Welcome back. This week will focus largely on “Medicare for All” proposals. The House Rules Committee will hold the first hearing on the subject this Congress, reviewing H.R. 1384 introduced by Rep. Pramila Jayapal (WA) and Rep. Debbie Dingell (MI) with 108 Democratic cosponsors. Keep in mind that five of the nine Democrats on the Rules Committee, including Chairman Jim McGovern, endorsed the legislation. It’s also worth noting that Michael Burgess, Ranking Member of the Energy & Commerce (E&C) Health Subcommittee, sits on the Rule Committee giving the hearing added intrigue.

While it is being reported that H.R. 1384 may receive another hearing in the next few weeks, it is not likely to be marked up any time soon before the powerful E&C or Ways & Means committees, an indication that the committees’ leadership is focused on reforming and strengthening the Affordable Care Act, in addition to lowering drug costs which has broad bipartisan support.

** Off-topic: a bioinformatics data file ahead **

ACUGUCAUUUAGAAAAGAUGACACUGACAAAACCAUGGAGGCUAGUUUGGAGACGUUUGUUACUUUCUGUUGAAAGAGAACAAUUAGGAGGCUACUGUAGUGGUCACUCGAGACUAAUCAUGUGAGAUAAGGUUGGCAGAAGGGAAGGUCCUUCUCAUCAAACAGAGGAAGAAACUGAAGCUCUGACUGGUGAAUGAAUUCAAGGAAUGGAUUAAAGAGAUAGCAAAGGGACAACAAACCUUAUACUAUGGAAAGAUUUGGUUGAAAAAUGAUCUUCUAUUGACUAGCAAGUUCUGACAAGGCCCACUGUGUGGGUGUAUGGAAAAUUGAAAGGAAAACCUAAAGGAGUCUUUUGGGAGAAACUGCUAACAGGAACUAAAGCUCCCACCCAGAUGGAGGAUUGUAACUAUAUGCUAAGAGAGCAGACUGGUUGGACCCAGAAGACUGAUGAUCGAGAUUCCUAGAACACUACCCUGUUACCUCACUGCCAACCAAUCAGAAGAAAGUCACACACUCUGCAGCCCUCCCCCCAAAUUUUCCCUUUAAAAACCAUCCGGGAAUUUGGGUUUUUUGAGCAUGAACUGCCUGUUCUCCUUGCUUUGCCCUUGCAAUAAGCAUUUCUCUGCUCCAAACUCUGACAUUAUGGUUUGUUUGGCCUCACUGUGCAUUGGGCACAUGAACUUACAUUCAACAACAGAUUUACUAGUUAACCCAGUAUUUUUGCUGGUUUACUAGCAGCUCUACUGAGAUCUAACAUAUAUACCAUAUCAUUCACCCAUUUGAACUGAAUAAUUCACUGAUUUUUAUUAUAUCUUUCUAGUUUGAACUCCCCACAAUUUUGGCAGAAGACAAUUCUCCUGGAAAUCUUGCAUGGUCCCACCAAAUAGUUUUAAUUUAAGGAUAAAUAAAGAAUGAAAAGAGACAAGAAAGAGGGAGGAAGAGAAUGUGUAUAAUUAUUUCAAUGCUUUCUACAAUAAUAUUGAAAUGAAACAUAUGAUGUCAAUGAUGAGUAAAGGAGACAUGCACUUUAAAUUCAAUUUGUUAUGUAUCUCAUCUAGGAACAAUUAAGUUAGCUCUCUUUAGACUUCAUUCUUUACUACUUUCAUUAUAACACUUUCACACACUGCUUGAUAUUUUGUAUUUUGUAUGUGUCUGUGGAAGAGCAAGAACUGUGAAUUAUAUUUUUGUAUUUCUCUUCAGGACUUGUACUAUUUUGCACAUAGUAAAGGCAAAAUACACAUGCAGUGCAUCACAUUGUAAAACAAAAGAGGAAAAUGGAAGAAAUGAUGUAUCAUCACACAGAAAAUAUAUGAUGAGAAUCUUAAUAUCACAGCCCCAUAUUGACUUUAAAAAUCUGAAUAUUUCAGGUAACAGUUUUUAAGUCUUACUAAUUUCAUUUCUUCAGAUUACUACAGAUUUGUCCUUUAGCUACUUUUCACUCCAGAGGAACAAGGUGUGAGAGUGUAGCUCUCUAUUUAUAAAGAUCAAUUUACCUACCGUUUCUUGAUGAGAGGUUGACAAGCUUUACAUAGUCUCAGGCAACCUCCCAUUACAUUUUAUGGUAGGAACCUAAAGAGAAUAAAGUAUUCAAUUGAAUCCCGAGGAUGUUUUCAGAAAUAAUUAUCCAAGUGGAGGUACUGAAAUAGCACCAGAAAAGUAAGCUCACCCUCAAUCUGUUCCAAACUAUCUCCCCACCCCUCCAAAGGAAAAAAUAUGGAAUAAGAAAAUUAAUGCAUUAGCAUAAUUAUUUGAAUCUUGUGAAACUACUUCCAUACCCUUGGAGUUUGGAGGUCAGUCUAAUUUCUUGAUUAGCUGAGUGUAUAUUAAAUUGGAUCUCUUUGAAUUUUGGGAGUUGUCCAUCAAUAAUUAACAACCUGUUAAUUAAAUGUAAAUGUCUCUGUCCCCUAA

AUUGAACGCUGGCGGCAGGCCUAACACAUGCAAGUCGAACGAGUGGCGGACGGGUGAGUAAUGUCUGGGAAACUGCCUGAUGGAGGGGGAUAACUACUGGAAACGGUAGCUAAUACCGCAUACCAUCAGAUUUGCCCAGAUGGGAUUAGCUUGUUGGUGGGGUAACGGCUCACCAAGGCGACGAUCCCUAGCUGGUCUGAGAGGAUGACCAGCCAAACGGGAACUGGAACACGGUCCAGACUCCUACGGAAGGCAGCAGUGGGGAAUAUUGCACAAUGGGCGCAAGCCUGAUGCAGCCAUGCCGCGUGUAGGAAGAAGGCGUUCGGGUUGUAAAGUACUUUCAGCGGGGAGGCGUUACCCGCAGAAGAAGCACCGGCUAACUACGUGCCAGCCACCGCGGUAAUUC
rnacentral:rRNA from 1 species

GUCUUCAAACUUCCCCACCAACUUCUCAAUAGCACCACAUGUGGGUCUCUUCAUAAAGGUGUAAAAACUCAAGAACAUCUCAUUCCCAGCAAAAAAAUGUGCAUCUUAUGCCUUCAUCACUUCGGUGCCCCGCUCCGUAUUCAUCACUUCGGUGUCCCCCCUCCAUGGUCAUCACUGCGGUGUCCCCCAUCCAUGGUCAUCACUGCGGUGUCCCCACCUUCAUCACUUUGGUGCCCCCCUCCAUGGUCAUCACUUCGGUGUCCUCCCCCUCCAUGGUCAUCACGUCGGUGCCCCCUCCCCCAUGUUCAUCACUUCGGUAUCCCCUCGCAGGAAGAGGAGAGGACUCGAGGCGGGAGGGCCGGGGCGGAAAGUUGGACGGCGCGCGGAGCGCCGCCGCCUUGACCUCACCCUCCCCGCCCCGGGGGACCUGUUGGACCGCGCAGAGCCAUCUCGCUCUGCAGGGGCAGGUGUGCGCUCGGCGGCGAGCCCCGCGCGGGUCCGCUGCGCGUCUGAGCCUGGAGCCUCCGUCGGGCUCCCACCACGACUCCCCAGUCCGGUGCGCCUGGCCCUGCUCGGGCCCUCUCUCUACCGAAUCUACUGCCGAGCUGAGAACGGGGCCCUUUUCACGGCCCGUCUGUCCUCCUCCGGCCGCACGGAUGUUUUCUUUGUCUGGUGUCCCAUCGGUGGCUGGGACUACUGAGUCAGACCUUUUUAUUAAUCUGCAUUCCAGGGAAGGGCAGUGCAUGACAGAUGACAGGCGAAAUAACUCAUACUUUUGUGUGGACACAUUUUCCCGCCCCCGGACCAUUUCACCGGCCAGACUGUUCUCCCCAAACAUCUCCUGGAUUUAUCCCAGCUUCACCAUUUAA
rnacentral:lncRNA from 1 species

There are more bills than just H.R. 1384 that touch on “Medicare for All” policies. Rep. Rosa DeLauro (CT) and Rep. Jan Schakowsky (IL) are expected to reintroduce “Medicare for America” tomorrow. This legislation carries some differences to the Jayapal proposal, but is expected to garner overlapping interest from the progressive base. 


On Tuesday, the E&C Health Subcommittee will host the executive director of the Medicare Payment Advisory Commission (MedPAC) to discuss various aspects of Medicare’s prescription drug programs. The hearing is expected to discuss the propose rule that would implement the International Pricing Index model demonstration. The hearing will also explore several actions taken by the Administration around Medicare Part D. 

Given the technical nature of the hearing, stakeholders should expect a deeper dive into various issues such as the proposals around six protected classes and the rebate rule, which would exclude from safe harbor regulations certain prescription drug discounts. Policymakers will also get a window into the latest MedPAC recommendations on spending. 

While the full House is poised the pass several drug pricing related bills, expect interest and oversight to continue as policymakers explore ways to lower costs for consumers.